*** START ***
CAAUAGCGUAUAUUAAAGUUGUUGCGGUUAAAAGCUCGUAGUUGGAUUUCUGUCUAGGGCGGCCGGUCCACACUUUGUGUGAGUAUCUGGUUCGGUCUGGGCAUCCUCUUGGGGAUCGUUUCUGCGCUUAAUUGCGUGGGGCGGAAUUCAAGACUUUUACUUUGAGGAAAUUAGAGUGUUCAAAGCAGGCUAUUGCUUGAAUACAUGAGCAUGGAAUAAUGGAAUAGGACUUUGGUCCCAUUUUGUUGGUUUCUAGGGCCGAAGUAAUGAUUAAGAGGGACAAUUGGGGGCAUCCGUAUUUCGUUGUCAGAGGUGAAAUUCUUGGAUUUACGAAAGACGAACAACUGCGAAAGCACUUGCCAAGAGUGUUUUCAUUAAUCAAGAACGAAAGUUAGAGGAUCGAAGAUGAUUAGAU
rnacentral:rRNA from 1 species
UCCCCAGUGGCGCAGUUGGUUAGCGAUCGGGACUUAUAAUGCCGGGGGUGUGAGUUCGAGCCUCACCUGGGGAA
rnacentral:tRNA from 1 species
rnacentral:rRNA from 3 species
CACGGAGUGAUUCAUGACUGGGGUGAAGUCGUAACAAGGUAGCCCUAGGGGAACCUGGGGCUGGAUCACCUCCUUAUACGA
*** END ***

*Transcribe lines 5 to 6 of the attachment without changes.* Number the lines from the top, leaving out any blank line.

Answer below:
rnacentral:rRNA from 3 species
CACGGAGUGAUUCAUGACUGGGGUGAAGUCGUAACAAGGUAGCCCUAGGGGAACCUGGGGCUGGAUCACCUCCUUAUACGA